Park City School District Superintendent Ember Conley announces resignation
Park City School District Superintendent Ember Conley announced Wednesday that she will be resigning at the end of the school year. She will continue in her role until June 30, after which she will remain available until Jan. 31, 2019, to help the new superintendent transition into the role.
She will be ending her current contract a few months early, said Andrew Caplan, president of the Park City Board of Education. The rolling two-year contract ends in June, 2019.
Conley did not disclose a specific reason for her resignation in letters to the Board and district staff. She was not available for comment.
In a letter to district staff on Wednesday, she said, “As each of us has to weigh and balance our lives with our family and work, I have made the decision to finish this current contract as superintendent.”
Andrew Caplan, president of the Board of Education, said that Conley first informed the Board of her decision in the post-session of the public meeting on Tuesday.
Caplan said that Conley mentioned in other conversations that comments from parents and community members at previous Board meetings, one of which recently included a negative statement about Conley, took a toll on her.
In an interview with The Park Record following that meeting, Conley said that there was an attack on her leadership and communication abilities. What upset her the most, she said, was that the concerned individuals did not come to her first.
“I find it discouraging that there can be a platform for someone that can find all of the problems that is unwilling to come in and solve the problems with us,” she said. “I’m going to be the first to say that I am a human, and that I make mistakes, but if there is one thing that I can tell you and my team believes in and my teachers know, (it’s that) I believe that we can do good things for kids.”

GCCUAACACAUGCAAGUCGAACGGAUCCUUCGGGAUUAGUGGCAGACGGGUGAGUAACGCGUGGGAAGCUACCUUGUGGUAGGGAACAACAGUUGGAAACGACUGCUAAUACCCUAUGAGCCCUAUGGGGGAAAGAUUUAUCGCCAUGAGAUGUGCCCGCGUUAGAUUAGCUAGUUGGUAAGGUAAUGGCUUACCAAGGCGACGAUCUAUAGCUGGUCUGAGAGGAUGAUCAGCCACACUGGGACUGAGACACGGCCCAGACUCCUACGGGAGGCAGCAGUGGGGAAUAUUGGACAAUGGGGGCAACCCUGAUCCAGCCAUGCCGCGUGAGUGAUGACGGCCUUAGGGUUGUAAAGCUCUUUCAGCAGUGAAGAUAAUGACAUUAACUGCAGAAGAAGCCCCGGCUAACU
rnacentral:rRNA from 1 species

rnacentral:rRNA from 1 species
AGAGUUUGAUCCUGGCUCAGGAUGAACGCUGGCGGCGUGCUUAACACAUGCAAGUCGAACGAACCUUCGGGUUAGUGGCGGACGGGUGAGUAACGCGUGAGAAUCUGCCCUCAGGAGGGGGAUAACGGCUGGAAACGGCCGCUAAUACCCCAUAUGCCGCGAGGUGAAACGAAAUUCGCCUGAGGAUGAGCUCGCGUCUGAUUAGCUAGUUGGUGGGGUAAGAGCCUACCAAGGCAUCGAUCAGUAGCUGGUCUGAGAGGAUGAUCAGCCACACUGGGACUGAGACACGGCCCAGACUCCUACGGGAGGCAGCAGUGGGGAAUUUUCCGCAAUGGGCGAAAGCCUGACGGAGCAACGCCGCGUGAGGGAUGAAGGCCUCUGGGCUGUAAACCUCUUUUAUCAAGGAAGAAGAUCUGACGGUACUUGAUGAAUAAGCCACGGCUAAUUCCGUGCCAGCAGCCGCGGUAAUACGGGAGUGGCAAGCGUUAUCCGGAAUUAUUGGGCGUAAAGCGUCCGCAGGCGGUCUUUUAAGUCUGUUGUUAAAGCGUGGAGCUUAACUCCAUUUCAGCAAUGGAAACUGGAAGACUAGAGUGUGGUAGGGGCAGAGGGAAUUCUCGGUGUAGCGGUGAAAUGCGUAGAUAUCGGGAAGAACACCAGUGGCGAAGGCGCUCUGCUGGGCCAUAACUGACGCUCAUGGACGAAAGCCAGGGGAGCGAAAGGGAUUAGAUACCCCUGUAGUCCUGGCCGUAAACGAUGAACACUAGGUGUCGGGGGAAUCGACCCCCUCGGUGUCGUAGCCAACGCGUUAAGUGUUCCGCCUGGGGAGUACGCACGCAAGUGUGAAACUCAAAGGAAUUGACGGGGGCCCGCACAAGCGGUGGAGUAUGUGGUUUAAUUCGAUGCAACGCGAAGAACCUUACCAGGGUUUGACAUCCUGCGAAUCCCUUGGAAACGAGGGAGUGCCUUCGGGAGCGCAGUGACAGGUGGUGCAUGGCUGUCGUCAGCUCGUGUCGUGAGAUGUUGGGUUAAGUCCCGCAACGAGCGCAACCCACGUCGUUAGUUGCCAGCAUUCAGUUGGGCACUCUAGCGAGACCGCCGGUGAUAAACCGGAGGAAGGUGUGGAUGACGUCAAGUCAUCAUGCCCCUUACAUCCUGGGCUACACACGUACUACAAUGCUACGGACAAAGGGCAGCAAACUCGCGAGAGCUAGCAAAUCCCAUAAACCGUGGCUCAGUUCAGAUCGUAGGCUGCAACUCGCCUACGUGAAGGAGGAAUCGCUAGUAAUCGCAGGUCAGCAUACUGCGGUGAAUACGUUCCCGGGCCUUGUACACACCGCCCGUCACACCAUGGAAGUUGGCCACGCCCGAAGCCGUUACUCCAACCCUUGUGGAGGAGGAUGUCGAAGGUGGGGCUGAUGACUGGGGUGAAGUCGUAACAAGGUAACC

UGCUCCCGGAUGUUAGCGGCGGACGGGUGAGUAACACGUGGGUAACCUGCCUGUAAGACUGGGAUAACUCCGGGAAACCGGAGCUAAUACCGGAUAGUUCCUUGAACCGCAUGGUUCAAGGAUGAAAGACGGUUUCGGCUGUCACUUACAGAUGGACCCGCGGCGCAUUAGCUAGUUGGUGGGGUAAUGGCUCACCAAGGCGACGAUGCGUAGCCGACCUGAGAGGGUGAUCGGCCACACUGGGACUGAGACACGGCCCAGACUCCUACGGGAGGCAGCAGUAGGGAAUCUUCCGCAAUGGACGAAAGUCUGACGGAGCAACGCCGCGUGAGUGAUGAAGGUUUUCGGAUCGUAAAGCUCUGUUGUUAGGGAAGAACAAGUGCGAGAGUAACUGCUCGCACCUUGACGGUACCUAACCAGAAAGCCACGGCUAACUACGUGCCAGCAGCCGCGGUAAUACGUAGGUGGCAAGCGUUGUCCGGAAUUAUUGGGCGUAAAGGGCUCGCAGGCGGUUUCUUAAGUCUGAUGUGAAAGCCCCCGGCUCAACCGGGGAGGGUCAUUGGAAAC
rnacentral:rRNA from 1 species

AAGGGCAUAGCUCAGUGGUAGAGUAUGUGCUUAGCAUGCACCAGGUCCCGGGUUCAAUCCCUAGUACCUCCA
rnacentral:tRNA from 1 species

Bari Nan Rothchild, former president of Jeremy Ranch Elementary School’s parent-teacher organization (PTO), said that it was always apparent to her that Conley cared deeply about the students in the district, and that care drove every decision she made.
“I’ve never met anyone who has such deep reserves of empathy and deep reserves of caring and wants the best for every single kid,” Rothchild said.
Rothchild, along with Christie Worthington, president of the Park City School District PTO Council, and Megan Lucken, co-president of Trailside Elementary School’s PTO, said Conley made many positive changes – such as her emphasis on student mental health and creating policies for the dual-language immersion program. They, along with other parents and teachers, are sad to see her go, Worthington said.
“The feedback that I have received is sadness and disappointment,” she said.
They said that her accessibility and inclusion of parents and teachers in decisions was what they will miss perhaps the most. They hope that as the district moves forward, it finds a superintendent that can keep the momentum of open communication going.
The parents, as well as Caplan, recognize that the combination of open communication and active parents can invite backlash though.
“I think, as a community, we need to be mindful that that’s the kind of power that we have and be respectful of it,” she said.
Caplan said that the immediate step moving forward is to find a searching consultant who can start the process to find a new superintendent. A search committee made of district staff and community members will then be formed, which he hopes to do before the end of the year.
“(Conley) introduced a lot of different processes and policies into the district that were needed,” he said. “We don’t want to hit reset. A lot of very good work has been done.”
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Compensation is the largest issue left on the table after a contract governing most every other aspect of teachers’ employment was negotiated earlier in June.